National News Archives for 2017-03

Utah governor says he will approve strictest DUI limit in US


SALT LAKE CITY (AP) — Utah's governor says that while he's signing legislation giving the state the strictest DUI threshold in the country, he will call lawmakers into a special session this summer for "some areas of improvement" to the law.

Republican Gov. Gary Herbert told reporters Thursday that he thinks it will save lives to lower Utah's blood alcohol limit to .05 percent from .08 percent, but he'll ask lawmakers to consider a tiered punishment system. That could mean less stringent penalties for those convicted of driving with a blood alcohol level between .05 and .07 percent.

The governor says Utah may need to look at punishments for multiple offenders, other distracted driving and unintended consequences that the lower limit will have on matters like auto insurance rates.

Utah's new threshold would take effect on Dec. 30, 2018.

0
comments


Deep South freeze means fewer blueberries and peaches

 

COLUMBIA, S.C. (AP) - Last week's deep freeze in the Southeast appears to have nearly wiped out Georgia's blueberries and South Carolina's peaches.

 

Freezing


The South Carolina Department of Agriculture said 85 percent of the state's peaches were damaged by two days of temperatures dipping into the 20s Wednesday and Thursday.

South Carolina is the second biggest producer of peaches in the U.S.

 

Georgia Agriculture Commissioner Gary Black says up to 80 percent of the blueberry crop in the southern part of the state was destroyed.

 

Georgia grows early season blueberries and the crop is worth more than peaches.

 

Apples also suffered freeze damage in North Carolina.

 

While mid-March freezes aren't unusual in much of the Southeast, many crops were blooming up to three weeks early because of the unusually mild winter.

0
comments


Americans spent slightly more at retail stores last month

 

WASHINGTON (AP) — Americans spent only slightly more last month at retail stores compared with January, a sign of consumer caution despite rising optimism about the economy.

 

The Commerce Department says retail sales ticked up a seasonally adjusted 0.1 percent in February, after a much bigger gain of 0.6 percent the previous month. January's gain was revised higher.

 

The figures suggest that strong job gains this year, near record-high stock prices and decent pay gains haven't yet lifted spending. But last month's sluggish pace could prove temporary.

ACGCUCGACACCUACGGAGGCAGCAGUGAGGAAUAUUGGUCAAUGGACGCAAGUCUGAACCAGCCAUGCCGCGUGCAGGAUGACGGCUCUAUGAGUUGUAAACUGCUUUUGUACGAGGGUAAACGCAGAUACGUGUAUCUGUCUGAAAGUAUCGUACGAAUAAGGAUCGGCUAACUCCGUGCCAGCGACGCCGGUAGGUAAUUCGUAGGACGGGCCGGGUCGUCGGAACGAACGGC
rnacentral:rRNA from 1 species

Economists note that spending was likely held back by delays in tax refund payments. A new law has required tougher scrutiny of a tax credit claimed by lower-income taxpayers. Wal-Mart said last month that the delay had slowed sales at its stores in February.

 

0
comments


Now hear this: Loud sound may pose more harm than we thought

 

NEW YORK (AP) — Do you have unusual trouble hearing people in noisy backgrounds like bars? Some recent research suggests a possible explanation for that, even for people with normal scores on hearing tests.

 

Scientists say it may be due to a loss of crucial connections in nerves of the ear. Most of the research has been done in animals, and researchers are still defining how much of a problem this might be in people.

 

It's not just older people who notice difficulty hearing in noisy situations. Matt Garlock, who's 29 and lives near Boston, says that happens to him despite his normal score on a standard hearing test. He has volunteered to help Harvard researchers in their studies of what they call "hidden hearing loss."

 

 

0
comments


IRS strikes back as agents make big dent in identity theft

 

WASHINGTON (AP) — The IRS reports that the number of identity theft victims plummeted last year after agents struggled for years to combat what has become a multibillion-dollar industry.

 

The IRS says the number of victims dropped by 46 percent, to 376,000. These taxpayers had their identities stolen by criminals who used their Social Security numbers and birthdates to obtain fraudulent tax refunds.

 

The IRS stopped nearly 1 million fraudulent refunds from being issued last year. The agency says they totaled almost $6.6 billion.

 

The IRS credits a new partnership with major tax preparers and state tax agencies who now share information about potential threats and scams. The agency has also beefed up its computer filters to better detect potentially fake tax returns.

 

0
comments


House committee still debating GOP health care

 

WASHINGTON (AP) —They're still going at it on Capitol Hill. The House Energy and Commerce Committee is still debating the GOP plan to replace former President Barack Obama's health care law.

 

The House Ways and Means Committee wrapped up its marathon session at around 4:30 this morning, pushing through legislation to abolish the tax penalty Obama's statute imposes on people who don't purchase insurance.

 

0
comments


Keyword Search





Local News

Visitor Polls
Do you get paid from your employer by paycheck or direct deposit into a bank account?

On Facebook

On Twitter